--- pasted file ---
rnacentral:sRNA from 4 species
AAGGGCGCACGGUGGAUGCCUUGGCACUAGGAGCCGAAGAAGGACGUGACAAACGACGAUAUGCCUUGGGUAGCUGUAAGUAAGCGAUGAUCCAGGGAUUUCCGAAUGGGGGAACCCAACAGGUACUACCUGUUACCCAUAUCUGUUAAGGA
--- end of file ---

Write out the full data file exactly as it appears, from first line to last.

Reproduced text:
rnacentral:sRNA from 4 species
AAGGGCGCACGGUGGAUGCCUUGGCACUAGGAGCCGAAGAAGGACGUGACAAACGACGAUAUGCCUUGGGUAGCUGUAAGUAAGCGAUGAUCCAGGGAUUUCCGAAUGGGGGAACCCAACAGGUACUACCUGUUACCCAUAUCUGUUAAGGA